Milan’s Carla Sozzani hip gallery at 10 Corso Como is currently celebrating Guy Bourdin‘s provocative, masterful photography. The exhibition includes the section A Message for You, which presents a series of photographs dating back mainly to the 1970’s, and Unseen, showing works from the artist’s own archive. Seductive, glossy, sometimes disturbing and doubtlessly radical, Bourdin’s works are a perverse and superb aesthetization of recurrent themes such as death, desire, and sex. Suicide, murder, pleasure and pain, but also decadence, glamor and a quest for perfection, are the components that define most of the images. Inspired by Surrealism and its fascination for transgression, the irrational and the uncanny, Bourdin envisions fantastic plots that make his fashion photography look delightfully attractive and impenetrable. He definitely succeeds in combining ground-breaking commercial campaigns and fashion advertising with his dark, gloomy, and even perverse modality of vision. He also seems to be well aware of the fact that it’s not the fashion item per se but the image to attract us as viewers, and this probably explains why we cannot help but be intrigued, if not utterly captured, by the beauty of his greatly charged images. What is apparent is that each one of his photographs is not a simple medium subjected to presenting a product but becomes a place where Bourdin the artist asserts his idea of photography as art.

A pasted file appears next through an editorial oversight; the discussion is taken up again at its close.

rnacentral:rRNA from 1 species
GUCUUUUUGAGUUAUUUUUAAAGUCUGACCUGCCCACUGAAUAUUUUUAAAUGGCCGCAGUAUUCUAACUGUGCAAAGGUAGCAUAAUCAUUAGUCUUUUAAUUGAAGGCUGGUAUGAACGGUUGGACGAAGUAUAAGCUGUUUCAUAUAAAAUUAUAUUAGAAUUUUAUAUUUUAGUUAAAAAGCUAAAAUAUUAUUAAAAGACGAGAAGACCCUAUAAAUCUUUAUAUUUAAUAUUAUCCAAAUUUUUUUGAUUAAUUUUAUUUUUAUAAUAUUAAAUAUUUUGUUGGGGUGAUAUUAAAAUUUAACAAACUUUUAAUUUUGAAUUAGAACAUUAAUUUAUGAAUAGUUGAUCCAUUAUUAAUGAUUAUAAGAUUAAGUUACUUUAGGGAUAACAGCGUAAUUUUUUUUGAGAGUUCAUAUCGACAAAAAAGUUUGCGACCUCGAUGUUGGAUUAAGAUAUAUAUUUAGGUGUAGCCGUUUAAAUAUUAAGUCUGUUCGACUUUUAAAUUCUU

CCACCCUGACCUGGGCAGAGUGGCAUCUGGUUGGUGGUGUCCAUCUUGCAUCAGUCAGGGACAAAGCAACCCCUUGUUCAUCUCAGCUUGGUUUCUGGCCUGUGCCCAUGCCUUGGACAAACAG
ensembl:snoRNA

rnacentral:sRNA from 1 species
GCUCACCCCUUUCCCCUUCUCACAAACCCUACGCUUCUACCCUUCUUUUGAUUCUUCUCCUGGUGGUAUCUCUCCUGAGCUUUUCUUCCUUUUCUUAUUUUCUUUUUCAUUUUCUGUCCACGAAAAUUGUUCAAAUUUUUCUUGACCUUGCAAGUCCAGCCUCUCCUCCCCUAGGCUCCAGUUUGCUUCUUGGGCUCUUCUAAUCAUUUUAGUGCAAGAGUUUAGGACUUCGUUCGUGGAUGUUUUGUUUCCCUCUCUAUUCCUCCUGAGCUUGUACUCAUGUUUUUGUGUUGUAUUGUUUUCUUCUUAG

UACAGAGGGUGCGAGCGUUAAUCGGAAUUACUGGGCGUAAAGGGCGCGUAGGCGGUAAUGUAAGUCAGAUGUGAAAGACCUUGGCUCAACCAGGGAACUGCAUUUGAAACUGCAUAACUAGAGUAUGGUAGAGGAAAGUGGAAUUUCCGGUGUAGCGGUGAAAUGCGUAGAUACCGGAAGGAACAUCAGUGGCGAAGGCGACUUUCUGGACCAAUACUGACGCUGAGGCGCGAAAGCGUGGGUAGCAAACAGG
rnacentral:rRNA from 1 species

Born in Paris in 1928, Guy Bourdin is regarded as one of the greatest photographers of fashion and advertising of the 20th century. Influenced by the well-known Surrealist photographer Man Ray, and by the work of many other Surrealists like Magritte and Balthus, Bourdin worked for Vogue and Harper’s Bazaar and shot a variety of advertising campaigns for many fashion designers such as Chanel, Ungaro and Versace. He died of cancer in Paris in 1991. His first retrospective was held at the Victoria & Albert Museum in London in 2003.